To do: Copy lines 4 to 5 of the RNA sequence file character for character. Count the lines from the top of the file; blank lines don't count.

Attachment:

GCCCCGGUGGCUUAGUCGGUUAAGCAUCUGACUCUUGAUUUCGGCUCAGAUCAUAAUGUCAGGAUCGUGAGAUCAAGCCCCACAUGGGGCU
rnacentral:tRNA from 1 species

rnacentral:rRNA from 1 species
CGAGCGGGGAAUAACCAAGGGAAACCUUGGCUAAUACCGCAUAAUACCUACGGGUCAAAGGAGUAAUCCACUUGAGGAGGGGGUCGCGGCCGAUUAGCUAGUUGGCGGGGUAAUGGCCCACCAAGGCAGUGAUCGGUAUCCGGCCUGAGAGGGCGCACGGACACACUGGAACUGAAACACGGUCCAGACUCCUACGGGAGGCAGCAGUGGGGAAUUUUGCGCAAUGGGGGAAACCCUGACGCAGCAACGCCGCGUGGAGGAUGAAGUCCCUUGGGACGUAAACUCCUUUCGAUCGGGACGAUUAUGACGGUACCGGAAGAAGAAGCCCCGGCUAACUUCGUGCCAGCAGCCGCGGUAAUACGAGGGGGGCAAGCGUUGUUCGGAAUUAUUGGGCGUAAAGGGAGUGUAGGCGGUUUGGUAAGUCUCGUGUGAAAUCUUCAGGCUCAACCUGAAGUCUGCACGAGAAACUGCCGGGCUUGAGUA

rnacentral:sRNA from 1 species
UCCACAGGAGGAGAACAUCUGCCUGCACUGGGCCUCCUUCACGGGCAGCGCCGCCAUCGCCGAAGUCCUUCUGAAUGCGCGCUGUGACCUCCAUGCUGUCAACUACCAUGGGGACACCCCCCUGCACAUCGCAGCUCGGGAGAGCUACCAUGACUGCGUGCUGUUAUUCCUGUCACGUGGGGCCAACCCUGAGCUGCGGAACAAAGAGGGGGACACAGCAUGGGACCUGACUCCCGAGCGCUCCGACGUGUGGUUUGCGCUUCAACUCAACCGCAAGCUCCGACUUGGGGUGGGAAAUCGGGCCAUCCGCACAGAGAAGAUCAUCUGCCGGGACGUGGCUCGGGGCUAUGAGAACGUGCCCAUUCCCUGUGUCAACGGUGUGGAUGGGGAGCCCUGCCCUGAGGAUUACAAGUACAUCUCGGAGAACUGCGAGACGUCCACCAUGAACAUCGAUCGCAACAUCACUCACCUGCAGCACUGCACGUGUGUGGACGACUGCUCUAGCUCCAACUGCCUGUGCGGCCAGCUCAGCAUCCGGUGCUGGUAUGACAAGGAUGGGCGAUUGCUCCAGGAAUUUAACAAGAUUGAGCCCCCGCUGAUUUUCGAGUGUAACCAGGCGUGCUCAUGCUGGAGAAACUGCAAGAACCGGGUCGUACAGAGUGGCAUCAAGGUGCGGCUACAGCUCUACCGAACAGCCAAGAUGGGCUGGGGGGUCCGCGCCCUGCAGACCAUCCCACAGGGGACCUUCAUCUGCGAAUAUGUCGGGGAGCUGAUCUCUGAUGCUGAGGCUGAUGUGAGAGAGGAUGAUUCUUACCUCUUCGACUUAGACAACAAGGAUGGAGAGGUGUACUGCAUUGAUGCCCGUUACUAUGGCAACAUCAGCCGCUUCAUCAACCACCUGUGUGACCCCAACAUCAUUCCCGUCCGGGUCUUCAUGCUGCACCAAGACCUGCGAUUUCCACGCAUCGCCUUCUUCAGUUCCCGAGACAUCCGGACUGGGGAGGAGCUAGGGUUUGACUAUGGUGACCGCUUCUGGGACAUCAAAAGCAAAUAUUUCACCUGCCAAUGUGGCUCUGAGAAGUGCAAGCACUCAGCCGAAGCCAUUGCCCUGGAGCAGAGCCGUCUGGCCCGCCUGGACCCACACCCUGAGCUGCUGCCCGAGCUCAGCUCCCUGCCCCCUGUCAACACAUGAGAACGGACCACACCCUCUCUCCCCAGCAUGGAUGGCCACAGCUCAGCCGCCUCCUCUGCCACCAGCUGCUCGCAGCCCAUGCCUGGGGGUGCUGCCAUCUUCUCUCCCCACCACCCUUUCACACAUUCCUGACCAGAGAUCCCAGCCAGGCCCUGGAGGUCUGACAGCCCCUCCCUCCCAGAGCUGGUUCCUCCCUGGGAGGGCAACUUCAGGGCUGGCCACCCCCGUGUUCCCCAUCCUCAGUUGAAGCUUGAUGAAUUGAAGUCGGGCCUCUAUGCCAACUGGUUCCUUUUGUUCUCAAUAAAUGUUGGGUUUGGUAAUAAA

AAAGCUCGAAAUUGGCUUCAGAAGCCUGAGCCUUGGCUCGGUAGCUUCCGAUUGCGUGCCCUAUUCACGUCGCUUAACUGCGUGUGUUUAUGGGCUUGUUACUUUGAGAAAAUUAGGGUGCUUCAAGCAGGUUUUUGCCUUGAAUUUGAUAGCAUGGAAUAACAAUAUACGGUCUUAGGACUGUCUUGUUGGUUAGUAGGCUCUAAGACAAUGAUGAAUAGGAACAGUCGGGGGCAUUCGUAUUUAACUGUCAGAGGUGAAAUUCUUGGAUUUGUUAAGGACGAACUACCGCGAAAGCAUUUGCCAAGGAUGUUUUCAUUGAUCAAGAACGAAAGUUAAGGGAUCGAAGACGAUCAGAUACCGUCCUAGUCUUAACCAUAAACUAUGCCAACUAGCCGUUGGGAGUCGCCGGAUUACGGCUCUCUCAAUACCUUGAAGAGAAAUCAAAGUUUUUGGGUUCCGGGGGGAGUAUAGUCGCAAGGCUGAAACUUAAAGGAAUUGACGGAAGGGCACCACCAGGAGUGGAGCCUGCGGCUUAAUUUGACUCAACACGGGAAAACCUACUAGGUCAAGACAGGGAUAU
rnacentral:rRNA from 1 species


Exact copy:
CGAGCGGGGAAUAACCAAGGGAAACCUUGGCUAAUACCGCAUAAUACCUACGGGUCAAAGGAGUAAUCCACUUGAGGAGGGGGUCGCGGCCGAUUAGCUAGUUGGCGGGGUAAUGGCCCACCAAGGCAGUGAUCGGUAUCCGGCCUGAGAGGGCGCACGGACACACUGGAACUGAAACACGGUCCAGACUCCUACGGGAGGCAGCAGUGGGGAAUUUUGCGCAAUGGGGGAAACCCUGACGCAGCAACGCCGCGUGGAGGAUGAAGUCCCUUGGGACGUAAACUCCUUUCGAUCGGGACGAUUAUGACGGUACCGGAAGAAGAAGCCCCGGCUAACUUCGUGCCAGCAGCCGCGGUAAUACGAGGGGGGCAAGCGUUGUUCGGAAUUAUUGGGCGUAAAGGGAGUGUAGGCGGUUUGGUAAGUCUCGUGUGAAAUCUUCAGGCUCAACCUGAAGUCUGCACGAGAAACUGCCGGGCUUGAGUA

rnacentral:sRNA from 1 species